That rapamycin increased vessel-level contractility and prevented in vivo dissection in all mice with tamoxifen-induced Tgfbr2 disruption is consistent with the emerging concept that decreased SMC contractility predisposes to TAADs21,33. Three possibilities seem tenable. First, increased contractility could off-load some stress from an otherwise mechanically vulnerable ECM34. Second, increased actomyosin activity could improve the SMC mechanosensing and mechanoregulation of the ECM that is fundamental to maintaining mechanical functionality and structural integrity22. Third, increased microvascular tone could decrease both flow within and permeability of a vasa vasorum, if present (i.e., although a stimulated vasa vasorum and associated angiogenic progression in murine arteries remains controversial, an invading pathologic vasa vasorum could enable entry of blood into the outer medial layers (Figure 1) and increased microvascular contractility could attenuate this possibility).

Although each of these effects could contribute to the in vivo protection afforded by rapamycin, it is particularly noteworthy that in vitro pressurization to physiologic levels resulted in gross delaminations in vessels under passive, but never active, conditions (Figure 6). This observation supports the hypothesis that improved SMC tone may help to stress shield an otherwise mechanically vulnerable ECM (Table II). If true, there is a pressing need to determine if such shielding would remain sufficient in cases of increased intramural stress, as in extreme exercise or hypertension, both of which are risk factors for aortic dissection3. There is similarly motivation to determine if adverse effects of calcium channel blocking in mice and patients predisposed to TAADs35 might be due, in part, to the loss of otherwise beneficial stress shielding due to SMC contraction. Indeed, increased vessel-level contractility could not only stress shield the ECM, it could attenuate a localized accumulation of interstitial fluid (cf. Figure 4) that could otherwise follow from an increased pooling of glycosaminoglycans or increased permeability of vasa vasorum. Additional, potential roles of rapamycin in these other cases are noted in the Supplemental Discussion.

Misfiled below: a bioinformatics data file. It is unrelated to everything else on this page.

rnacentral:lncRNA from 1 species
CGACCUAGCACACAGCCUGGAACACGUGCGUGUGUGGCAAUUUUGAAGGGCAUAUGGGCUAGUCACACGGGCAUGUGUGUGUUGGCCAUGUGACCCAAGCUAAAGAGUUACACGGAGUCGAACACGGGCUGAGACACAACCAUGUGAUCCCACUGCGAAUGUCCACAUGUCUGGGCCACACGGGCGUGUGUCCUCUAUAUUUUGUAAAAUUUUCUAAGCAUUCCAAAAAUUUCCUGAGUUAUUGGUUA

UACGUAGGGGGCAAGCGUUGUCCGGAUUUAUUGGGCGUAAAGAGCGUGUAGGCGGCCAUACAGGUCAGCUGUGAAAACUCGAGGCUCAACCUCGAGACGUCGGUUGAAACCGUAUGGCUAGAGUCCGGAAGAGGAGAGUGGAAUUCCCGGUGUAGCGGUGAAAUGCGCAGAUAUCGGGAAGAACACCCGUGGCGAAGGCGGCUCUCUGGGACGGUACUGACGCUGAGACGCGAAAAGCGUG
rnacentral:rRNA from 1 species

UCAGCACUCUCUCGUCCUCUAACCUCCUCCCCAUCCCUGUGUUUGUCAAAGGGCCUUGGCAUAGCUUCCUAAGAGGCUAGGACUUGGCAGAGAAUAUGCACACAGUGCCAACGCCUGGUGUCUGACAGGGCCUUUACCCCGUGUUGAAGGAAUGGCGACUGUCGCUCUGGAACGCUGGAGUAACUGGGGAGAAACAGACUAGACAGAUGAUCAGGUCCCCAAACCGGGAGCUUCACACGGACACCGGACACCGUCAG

In conclusion, this study confirms that rapamycin protects against intramural hematoma in vivo in mice with postnatal Tgfbr2 disruption11. Although reasons for this therapeutic benefit remain unknown, rapamycin preserved or restored SMC contractility toward control values and reduced localized pooling of mucoid material, both of which may have been protective6,22. Nevertheless, rapamycin did not restore the passive biaxial mechanical properties to normal; axial stretch and axial stiffness tended to remain reduced as did overall elastic energy storage. Because blood pressure is normal or slightly lower than normal in mice with Tgfbr2 disruption, the lower than normal stresses may not have been high enough to exploit the apparent underlying structural vulnerability that was revealed via in vitro mechanical testing under passive conditions. Given that uncontrolled hypertension and acute increases in blood pressure (e.g., exercise related) pose significant risks for aortic dissection, we caution against the therapeutic use of rapamycin until further investigation can elucidate the protective mechanisms and potential trade-offs are considered carefully. Indeed, although there is no obvious vascular phenotype in Myh11R247C/R247C mice under normal hemodynamic loading, induced hypertension results in both rupture-related, pre-mature deaths and evident aortic fragility during mechanical testing32. There is, therefore, a need for further study of the potential role of ECM vulnerability under increased hemodynamic loads. Nevertheless, the potentially protective role of vessel-level contractility against dissection of a vulnerable thoracic aorta emphasizes the need for further biomechanical studies to complement molecular findings.


The present results represent the first observation of spontaneous in vitro delaminations under physiologic loading of a structurally vulnerable thoracic aorta in a mouse model predisposed to aortic dissection. Importantly, induced SMC contractility afforded 100% protection against intramural delamination, which could be an initiator of dissection. Calculations suggest that contraction markedly reduces intramural wall stresses and thereby may stress shield a vulnerable ECM. Pharmacologic treatments should thus balance the need to reduce hemodynamic loads while preserving SMC contractility in large arteries.

Supplementary Material

Supplemental Figures and Tables

Supplemental Invformation


We acknowledge expert assistance by the Yale Histology Service.

Source of Funding: This work was supported by grants from the NIH (R01 HL105297, U01 HL116323) and National Marfan Foundation.


ascending thoracic aorta
descending thoracic aorta
extracellular matrix
mechanistic target of rapamycin
smooth muscle cell
thoracic aortic aneurysm and dissection
transforming growth factor beta
murine gene coding the TGF-β type II receptor


Disclosures: None.